322. Memorandum From the President’s Assistant for National Security Affairs (Brzezinski) to President Carter1


  • U.S.–China Relations

The public has not been told enough about your major accomplishment in transforming the character of the U.S.–Chinese relationship. That transformation is a genuinely historical accomplishment, and Reagan’s comments suggest that his victory could place this relationship in some jeopardy. As you make the announcement of the U.S.–China Grain Agreement,2 you may want, therefore, to put that agreement in the context of the transformation of our relationship in all fields over the last two years with the largest country in the world.

Within a month of the establishment of diplomatic relations in January 1979, you met with Vice Premier Deng Xiaoping in Washington to begin the process of building a long-term structure for the U.S.–China relationship. As a result of the initiatives begun at that time and the more than 25 agreements which have been signed since, there has been a phenomenal growth in the whole range of official and private contacts.

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—Trade more than doubled from $1.1 billion in 1978 to $2.3 billion in 1979. This year we estimate it will almost double again to $4 billion.

—In 1978 we had no exchange of students. Now there are about 4,000 Chinese studying in the United States and 100 Americans studying or teaching in China.

—About 100 Chinese delegations per month visit the United States.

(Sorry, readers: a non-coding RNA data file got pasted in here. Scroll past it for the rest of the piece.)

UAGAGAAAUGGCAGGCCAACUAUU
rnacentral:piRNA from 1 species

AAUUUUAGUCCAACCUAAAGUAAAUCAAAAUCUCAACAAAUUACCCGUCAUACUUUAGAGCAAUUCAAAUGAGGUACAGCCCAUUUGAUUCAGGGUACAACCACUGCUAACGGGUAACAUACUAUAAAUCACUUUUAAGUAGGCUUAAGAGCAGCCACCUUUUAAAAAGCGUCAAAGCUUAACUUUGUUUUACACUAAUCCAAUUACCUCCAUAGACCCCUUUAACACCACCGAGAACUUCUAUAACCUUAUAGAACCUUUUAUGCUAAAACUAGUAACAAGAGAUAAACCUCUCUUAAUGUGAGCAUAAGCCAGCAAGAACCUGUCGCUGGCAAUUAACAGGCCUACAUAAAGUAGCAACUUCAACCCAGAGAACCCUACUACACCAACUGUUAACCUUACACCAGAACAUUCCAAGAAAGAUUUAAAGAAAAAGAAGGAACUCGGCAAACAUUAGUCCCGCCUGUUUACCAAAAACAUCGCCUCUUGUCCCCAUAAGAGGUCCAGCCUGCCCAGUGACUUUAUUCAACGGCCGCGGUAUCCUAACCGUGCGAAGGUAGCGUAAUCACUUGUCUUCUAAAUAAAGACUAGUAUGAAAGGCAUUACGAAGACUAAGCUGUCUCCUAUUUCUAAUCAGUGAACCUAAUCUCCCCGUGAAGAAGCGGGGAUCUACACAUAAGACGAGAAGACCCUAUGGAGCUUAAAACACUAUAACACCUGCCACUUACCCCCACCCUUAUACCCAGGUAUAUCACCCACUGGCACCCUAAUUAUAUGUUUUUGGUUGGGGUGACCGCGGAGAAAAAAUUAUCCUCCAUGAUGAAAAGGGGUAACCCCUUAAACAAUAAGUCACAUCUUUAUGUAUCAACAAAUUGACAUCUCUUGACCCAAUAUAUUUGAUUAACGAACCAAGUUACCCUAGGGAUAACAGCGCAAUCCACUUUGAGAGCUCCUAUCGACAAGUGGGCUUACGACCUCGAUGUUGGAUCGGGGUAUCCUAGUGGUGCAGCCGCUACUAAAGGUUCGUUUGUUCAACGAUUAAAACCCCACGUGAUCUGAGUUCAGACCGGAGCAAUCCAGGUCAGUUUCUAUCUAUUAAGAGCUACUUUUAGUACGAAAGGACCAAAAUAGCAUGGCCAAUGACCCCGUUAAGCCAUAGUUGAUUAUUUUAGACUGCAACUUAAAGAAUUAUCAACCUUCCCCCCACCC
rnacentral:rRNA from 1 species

—We expect upwards of 70,000 Americans to visit China in 1980.

—About 25 cultural and sports delegations from China have visited our country in the last six months, and we are reciprocating with visits both by orchestras and other cultural groups as well as our Olympic athletes.

—We have 13 separate working agreements in science and technology which not only give us current and political commercial benefit but make it possible for our scientists and technicians to share in China’s research in medicine, earthquake prediction, and agriculture.

The establishment of diplomatic relations with China made it possible for us to move ahead to build this new relationship into one which truly enriches us in knowledge, trade and culture. Parallel with these efforts to expand our commercial and cultural relations, we have begun carefully and deliberately to build a consultative relationship which will enable us to work together to identify and cooperate on issues of common interest. We now have regular consultations both to discuss issues of mutual concern such as the Soviet invasion of Afghanistan and to explore new areas of possible cooperation. This long-term strategic relationship, replacing 30 years of isolation and mutual hostility, is already contributing significantly to the preservation of peace and stability in East Asia and will increasingly contribute to the preservation of world peace.

  1. Source: Carter Library, National Security Affairs, Brzezinski Material, Country File, Box 10, China (PRC): 10/80–1/81. Confidential.
  2. Carter drew an arrow pointing to this paragraph and wrote, “Zbig—Incorporate (briefly) in announcement. J.” The October 22 White House statement announcing the signing of the agreement is printed in Public Papers: Carter, 1980, pp. 2423–2424.